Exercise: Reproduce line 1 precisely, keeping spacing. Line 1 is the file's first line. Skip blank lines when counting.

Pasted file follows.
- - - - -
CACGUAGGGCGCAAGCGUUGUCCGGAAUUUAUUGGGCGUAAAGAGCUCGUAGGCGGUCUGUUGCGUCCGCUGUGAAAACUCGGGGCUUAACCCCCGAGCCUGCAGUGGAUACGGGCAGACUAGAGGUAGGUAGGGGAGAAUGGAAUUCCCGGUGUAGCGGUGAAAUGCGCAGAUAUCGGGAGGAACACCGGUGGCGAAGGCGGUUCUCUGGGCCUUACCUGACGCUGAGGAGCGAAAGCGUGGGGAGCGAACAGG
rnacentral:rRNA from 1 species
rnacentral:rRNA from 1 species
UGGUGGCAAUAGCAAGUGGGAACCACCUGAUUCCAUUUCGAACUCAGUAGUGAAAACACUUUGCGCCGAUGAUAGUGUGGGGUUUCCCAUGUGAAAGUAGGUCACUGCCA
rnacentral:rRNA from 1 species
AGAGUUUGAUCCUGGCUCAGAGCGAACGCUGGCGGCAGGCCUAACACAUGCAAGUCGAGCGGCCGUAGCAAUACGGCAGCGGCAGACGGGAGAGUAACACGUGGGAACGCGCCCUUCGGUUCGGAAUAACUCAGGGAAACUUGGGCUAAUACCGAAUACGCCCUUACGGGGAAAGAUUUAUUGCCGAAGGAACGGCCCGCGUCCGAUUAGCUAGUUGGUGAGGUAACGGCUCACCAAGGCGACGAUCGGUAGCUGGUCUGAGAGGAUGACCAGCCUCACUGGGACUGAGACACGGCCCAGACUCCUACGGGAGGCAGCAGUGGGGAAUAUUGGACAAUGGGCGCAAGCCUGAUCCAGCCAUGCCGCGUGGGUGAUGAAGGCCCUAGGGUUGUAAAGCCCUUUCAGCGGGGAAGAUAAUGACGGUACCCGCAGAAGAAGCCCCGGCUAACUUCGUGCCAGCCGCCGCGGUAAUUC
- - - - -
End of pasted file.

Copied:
CACGUAGGGCGCAAGCGUUGUCCGGAAUUUAUUGGGCGUAAAGAGCUCGUAGGCGGUCUGUUGCGUCCGCUGUGAAAACUCGGGGCUUAACCCCCGAGCCUGCAGUGGAUACGGGCAGACUAGAGGUAGGUAGGGGAGAAUGGAAUUCCCGGUGUAGCGGUGAAAUGCGCAGAUAUCGGGAGGAACACCGGUGGCGAAGGCGGUUCUCUGGGCCUUACCUGACGCUGAGGAGCGAAAGCGUGGGGAGCGAACAGG